Wed 27/03-2013 Day 435

The huge 'Cartagena de Indias' of the Colombian Navy - my home for the next days


Pos: here
Loc: before Carpurgana
Acc: Navy supply ship “Cartagena de Indias”
Dist: 5 km
Start: 12:50 End: 13:40

The hotel hut I was sleeping in last night was made out of wooden logs (no palm tree leaves huts any more here…), but built in a local Colombian way with a few spaces here and there in the walls, where you easily could peep through – but even worse which also let the bugs in when I had light on which I really needed at least for some time. Fortunately the roof was not leaking, as it was raining heavily at night and in the morning.

The rest of the interior design was also local, functional, but not perfect. I am already used to bringing my own toilet paper, soap, towels and clean sheets, no problem, and the only cold shower is just refreshing. But the ventilator I was so happy to have working at least to cool me down, and it was even keeping the bugs at bay, was quitting it’s job around 2 am permanently due to no electricity in the whole village. Not sure if this was just a break down like we had already about four short times last night, or if it was a regular night shut off.

At least I didn’t really feel relief on my skin the next day. But the forecast was very windy and big seas anyway for at least two to three days, and I was happy to be at least not at the beach only. Although not sure what I’s prefer – a reasonable bug free tent, or an at least temporarily working ventilator and a cold proper shower…

My Coastguard guys were also sleeping next door, as their station was in the next village Carpurgana and not here. Not sure actually why we didn’t paddle yesterday around one more corner to Carpurgana, as I had to go there anyway for my passport entry stamp.

We agreed to meet at 8 am this morning to drive on the small coast guard boat to Carpurganana, but it was 9 am by the time the guys had their breakfast and we were ready to go.

I prepared for a wet ride, rain-wise and drive-style-wise…which was quite clever. I had packed all my electronics and papers into Aquapacs in my back pack, and was wearing only shorts and t-shirt. Though this big heavy open boat was made for chasing, equipped similarly to the Pacific ones with three large engines and running quite solidly different to the for example small lightweight fishing boat I was driving back to my kayak yesterday, we all got our soaking wet showers from the sea and also from the sky. But it was not jumping as hard, despite this young boat driver also knew only one speed – full power…and we had quite big lumpy seas out there, especially in front of the cliffs of the headland!

I got my jobs done in the small village of Carpurgana, escorted by Julio, a nice good English speaking Navy guy. Carpurganan has only boat and air access, no road access here yet. Still a bunch of tourists were enjoying the upcoming holiday week,and the handful of shops probably made good business. I got my passport stamped, changed my last US-$ into Colombian pesos, recharged my cell phone with another four weeks of data access on my Colombian sim-card, and bought some additional food for the expected slow travel the next few weeks.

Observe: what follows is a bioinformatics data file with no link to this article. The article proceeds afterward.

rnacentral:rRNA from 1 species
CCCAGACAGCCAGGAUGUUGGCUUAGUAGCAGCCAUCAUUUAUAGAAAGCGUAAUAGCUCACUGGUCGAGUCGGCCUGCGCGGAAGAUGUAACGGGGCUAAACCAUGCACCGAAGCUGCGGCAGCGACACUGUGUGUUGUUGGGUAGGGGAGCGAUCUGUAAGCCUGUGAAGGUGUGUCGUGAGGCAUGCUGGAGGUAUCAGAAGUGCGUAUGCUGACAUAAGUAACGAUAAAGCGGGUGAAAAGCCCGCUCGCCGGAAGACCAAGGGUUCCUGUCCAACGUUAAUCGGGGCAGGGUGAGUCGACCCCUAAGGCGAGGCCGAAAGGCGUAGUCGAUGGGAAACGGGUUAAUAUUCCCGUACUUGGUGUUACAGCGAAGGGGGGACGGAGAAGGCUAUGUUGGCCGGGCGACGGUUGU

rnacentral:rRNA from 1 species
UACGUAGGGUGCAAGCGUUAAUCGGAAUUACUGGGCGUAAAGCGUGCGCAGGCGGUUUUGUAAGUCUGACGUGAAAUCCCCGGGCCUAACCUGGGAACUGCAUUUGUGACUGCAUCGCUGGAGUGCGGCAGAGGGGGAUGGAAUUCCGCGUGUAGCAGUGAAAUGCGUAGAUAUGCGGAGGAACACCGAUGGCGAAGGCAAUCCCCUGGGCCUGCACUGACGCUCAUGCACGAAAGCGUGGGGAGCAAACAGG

You could see many some soldiers around and a bunch of policemen, but the very mixed faces of the happy local people and tourists were rather dominating the scenery – different to the Pacific side, where I thought the soldiers were rather dominating the population.

After the duties were done, I suggested we should drive out to the large Navy boat where Julio came from, and which was in charge to watch over my travel. I liked to speak to Capitán Castagnera rather now when I had the days off due to bad weather about how they think the upcoming escort should work out.

The Navy supply ship “Cartagena de Indias” was actually the sister ship of the large “Buenaventura” I got to visit on the last night of my Pacific stay. It was also German origin, and changed the name from “Lüneburg” when the Colombians bought it together with the “Buenaventura” running now on the other side of the continent.

The boarding was proving a little difficult due to the high seas, but the “high speed” boat driver now also showed his skills in maneuvering carefully close to the large ship to throw a rope holding the smaller coast guard boat close enough I could grab the rope ladder and climb up the steep grey wall. I had already some practice in that, but this time the sea was much bigger!

Capitán Hector Castagnera warmly welcomed me on board, wet as I was, and we climbed up to the bridge to discuss the options. It turned out that despite the Atlantic coast may be a little less dangerous than the Pacific side of Colombia, the drug traffic is not as heavy but still threatening and the FARC actions not as likely but still there (remember the recent kidnapping of the two Germans on the border to Venezuela…), he would be most happy for me to stay every
night on board of the “Cartagena de Indias” and getting escorted during the day’s paddle by a small coast guard boat.

Well… as I just had my “freedom” paddling weeks in Panama, which I really enjoyed, but also had to suffer a lot in my hot and humid-muggy lonely and maybe not completelysafe campsites on the beaches and getting away with only some skin infection, I eventually didn’t mind again to trade my loved “freedom paddling” against a cool, dry and safe sleeping place at night with a proper shower to clean and to dry my skin. Plus as I’d have to paddle hard against wind and current, I don’t mind to paddle unloaded again to make it a little bit easier. Nobody is so crazy to paddle this direction, if paddling only for a few weeks along this northern area! My rest at night will be better in favour of having more energy for the paddle.

Plus – which woman wouldn’t be honored to have eventually now *80* Navy plus 4 coast guard staff at her demand to service her safe circumnavigation around South America passing along the Colombian coast! I am improving my entourage…and the Colombian Navy surpassed herself again. Thanks a lot! Muchas gracias!